Tag Archives: adulthood

Not So Simple: heroic sonnet

How simple it seems to be born again:
to never reach the stage of an adult,
but each time that you feel a growing pain,
to plead no contest and avoid the fault,
accepting being only just a child
with no responsibility to age,
nor consequence for acting dumb and wild
besides the reprimand of childhood’s cage.

How easy it must be to start anew
each time you slip in error, to reset
the game, and once again replay it through
retaining what in life you would forget,
thus seeming at advantage to proceed
as if your past mistakes had little cost,
so you advance while others stop to bleed
and you gain opportunities they lost.

Too bad that’s really not the way it goes;
just your belief won’t always make it so.

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Coming of Age … an ongoing diatribe … LOL

In the most recent issue of American Poet, the journal of the American Academy of Poets, there is an advertisement for a book, Coming of Age as a Poet: Milton, Keats, Eliot, Plath, written by Helen Vendler, who seems to have written a great number of books on poetry.
The blurb in the ad, which probably comes straight from the jacket sleeve (although having not read the book, I can neither confirm or deny this), starts with the following sentence, which I found most intriguing:

To find a personal style is, for a writer, to become adult; and to write one’s first “perfect” poem — a poem that wholly and successfully embodies that style — is to come of age as a poet.

To come of age, to reach maturity as a poet. Hmmmm … I wonder if that achievement is self-measured, or if its length is drawn against the yardstick of others. Which brings me to my current train of thought: as a Druid, I am more than a poet. I am a poet, musician, historian, philosopher, teacher, and priest. How does one come of age in a single discipline if one’s life path is multi-disciplinary? Does not maturity (or immaturity) in one area affect one’s level of achievement in all others? And what is the purpose of that maturity? For me, the ultimate goal of poetry is not simply to influence other poets; neither is the goal of any preacher or priest to influence only other preachers. At least, not that alone.

My audience is humanity. My goal, I suppose then would be to assist humanity in the recognition of that humanity. Or something like that.

Perhaps my self-questing is the result of having recently started rereading Plato’s Republic. Resulting in the question, what is the ultimate purpose of performing any action?

What is the reason a musician plays? A poet writes? A preacher preaches? A philosopher ponders? A teacher educates? Who is really their audience?
It boils down to a quip that I made several years ago when I contemplated writing music reviews. In order to change the way people think about music, first they must be thinking about music in the first place. So how to ensure that prerequisite dependency of thinking on a subject before launching into said dissertation? Who really cares if people who are on your wavelength are already listening? Aren’t words on their subject extraneous, like coals to Newcastle? Dr. Gene Scott, a Los Angeles based preacher, once said that there are two kinds of people in any congregation … there are saints in the making, and there are preachers. If you’re not a saint in the making, and you don’t like what the preacher in front is saying, you are obligated to form your own church. How that relates, I leave you to decide, dear readers.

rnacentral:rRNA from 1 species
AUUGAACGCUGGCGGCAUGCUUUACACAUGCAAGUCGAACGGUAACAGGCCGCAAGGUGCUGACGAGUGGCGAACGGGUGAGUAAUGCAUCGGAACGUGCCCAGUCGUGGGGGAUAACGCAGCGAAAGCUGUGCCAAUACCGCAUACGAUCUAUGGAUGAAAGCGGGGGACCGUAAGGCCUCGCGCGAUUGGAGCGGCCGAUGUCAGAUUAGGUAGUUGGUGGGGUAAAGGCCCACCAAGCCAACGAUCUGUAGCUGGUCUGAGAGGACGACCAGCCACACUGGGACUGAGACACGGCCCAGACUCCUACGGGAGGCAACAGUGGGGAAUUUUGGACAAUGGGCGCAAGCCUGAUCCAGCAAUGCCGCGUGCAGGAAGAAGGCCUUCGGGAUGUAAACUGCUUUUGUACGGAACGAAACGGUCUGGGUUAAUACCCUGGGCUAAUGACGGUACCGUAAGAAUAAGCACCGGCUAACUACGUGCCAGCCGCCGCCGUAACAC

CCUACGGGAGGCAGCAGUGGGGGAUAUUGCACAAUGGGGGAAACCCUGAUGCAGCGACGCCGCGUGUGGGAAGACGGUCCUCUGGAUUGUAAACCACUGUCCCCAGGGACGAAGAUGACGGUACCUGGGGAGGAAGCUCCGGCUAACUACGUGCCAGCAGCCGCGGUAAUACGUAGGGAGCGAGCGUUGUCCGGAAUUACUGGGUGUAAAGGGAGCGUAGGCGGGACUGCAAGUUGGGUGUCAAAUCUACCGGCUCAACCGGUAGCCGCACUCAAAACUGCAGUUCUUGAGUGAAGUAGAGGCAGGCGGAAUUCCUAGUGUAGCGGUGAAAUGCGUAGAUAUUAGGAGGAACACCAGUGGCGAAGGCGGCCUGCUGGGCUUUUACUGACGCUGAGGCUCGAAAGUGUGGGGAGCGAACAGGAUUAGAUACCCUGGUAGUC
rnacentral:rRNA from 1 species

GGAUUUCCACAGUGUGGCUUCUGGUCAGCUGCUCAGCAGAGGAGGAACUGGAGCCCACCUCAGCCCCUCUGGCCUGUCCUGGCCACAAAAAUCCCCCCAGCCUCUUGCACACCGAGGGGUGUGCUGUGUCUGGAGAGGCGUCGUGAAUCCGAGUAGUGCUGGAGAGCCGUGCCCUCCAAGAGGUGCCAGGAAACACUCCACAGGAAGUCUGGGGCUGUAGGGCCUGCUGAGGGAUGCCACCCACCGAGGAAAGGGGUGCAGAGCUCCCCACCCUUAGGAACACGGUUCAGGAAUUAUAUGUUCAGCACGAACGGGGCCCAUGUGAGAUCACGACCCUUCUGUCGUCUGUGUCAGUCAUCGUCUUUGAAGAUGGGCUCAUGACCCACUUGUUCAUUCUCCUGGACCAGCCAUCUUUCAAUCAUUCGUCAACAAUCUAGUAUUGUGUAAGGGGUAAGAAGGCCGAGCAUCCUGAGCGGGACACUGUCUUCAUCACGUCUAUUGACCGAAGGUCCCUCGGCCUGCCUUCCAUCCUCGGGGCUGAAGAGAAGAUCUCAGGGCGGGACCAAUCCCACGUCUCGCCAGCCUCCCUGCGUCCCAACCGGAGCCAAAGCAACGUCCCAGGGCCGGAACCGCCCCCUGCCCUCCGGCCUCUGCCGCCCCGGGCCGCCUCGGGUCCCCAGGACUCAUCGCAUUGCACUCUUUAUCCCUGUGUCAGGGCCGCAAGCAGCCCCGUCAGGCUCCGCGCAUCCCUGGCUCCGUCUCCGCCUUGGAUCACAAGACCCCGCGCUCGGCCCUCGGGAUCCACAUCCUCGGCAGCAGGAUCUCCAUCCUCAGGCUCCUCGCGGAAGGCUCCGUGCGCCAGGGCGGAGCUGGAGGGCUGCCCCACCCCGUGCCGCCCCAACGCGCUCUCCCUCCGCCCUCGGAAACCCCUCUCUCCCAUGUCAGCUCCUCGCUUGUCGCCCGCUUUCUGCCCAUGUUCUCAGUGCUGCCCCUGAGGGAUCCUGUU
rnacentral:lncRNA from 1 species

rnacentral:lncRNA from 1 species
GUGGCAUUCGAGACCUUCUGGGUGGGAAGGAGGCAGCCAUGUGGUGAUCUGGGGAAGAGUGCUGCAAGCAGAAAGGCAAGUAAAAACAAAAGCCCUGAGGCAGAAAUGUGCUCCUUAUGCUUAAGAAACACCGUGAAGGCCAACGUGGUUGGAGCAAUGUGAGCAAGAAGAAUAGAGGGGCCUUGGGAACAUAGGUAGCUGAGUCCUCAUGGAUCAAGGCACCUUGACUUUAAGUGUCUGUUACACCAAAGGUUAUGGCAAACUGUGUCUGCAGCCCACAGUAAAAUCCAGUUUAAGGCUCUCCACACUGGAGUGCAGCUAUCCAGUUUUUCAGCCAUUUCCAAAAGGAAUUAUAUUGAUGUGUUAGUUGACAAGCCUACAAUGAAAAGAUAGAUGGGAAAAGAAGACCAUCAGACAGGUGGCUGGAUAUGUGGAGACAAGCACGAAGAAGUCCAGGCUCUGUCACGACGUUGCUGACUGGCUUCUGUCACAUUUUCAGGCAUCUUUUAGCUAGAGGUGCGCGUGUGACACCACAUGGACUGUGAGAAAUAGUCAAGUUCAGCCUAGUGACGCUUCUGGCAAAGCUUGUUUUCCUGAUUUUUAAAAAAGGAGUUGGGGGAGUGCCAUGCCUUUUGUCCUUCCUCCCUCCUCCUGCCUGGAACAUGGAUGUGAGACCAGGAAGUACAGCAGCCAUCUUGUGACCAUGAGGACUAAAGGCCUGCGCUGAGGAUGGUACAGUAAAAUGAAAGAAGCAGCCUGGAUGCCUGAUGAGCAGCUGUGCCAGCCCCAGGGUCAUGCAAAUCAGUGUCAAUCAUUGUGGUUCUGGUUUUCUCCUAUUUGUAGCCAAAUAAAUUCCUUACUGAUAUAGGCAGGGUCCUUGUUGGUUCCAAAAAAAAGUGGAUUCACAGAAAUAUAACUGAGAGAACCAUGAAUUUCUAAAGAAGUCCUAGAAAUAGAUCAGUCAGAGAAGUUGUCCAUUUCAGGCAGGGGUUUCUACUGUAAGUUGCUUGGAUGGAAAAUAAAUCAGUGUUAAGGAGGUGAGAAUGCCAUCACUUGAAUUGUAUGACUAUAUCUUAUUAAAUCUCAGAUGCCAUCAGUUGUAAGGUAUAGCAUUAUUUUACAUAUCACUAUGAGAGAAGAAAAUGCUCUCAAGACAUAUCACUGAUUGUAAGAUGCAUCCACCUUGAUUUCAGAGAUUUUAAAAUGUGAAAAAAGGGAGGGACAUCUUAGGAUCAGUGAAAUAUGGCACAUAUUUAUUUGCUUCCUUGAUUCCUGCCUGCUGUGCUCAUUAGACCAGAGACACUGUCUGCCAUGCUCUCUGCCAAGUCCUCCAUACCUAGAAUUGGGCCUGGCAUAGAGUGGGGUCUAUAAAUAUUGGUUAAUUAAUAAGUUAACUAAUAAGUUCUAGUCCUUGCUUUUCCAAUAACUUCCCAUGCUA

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The Parable of the Sower

Sometimes, I think that I have borne a lot
of resentment, and fought against the world
believing to lead with your fist uncurled
meant weakness, and what you deserved, you got.

I lived as if my troubles were the most
important thing in the whole universe;
and those who hurt me, from me got it worse.
I thought of myself as a hungry ghost,

feeding on others misfortune and pain,
using their foibles as inspiration
for forming great theories, the creation
of a clever ruse to hide my disdain.

And karma? What was that to do with me?
My actions, like a pebble in the pond
sent waves echoing outward, far beyond
my line of sight. In my sad vanity

I imagined that being the center, source
from which this negativity bounded,
it was the ugly world that surrounded
the force for good that was myself. Of course,

I was wrong about some things, and yet right
about a few others. Like what you get
being what you deserve; if you forget
that one, your world view becomes wrapped so tight

a light, little touch can send you spinning
into a void of angry self-pity
where your soul’s balance and integrity
are lost in cruel games, and no one’s winning.

Sometimes, I think that I have borne a lot;
but then, I look at where my life is now,
looking back on the bitter weeds I plow
under, those tares I sowed in my own plot.

I realize my misspent days of youth
were but a preamble to my real life,
and that by reaping then that field of strife
I have prepared the soil to grow some truth.

28 JUL 2003

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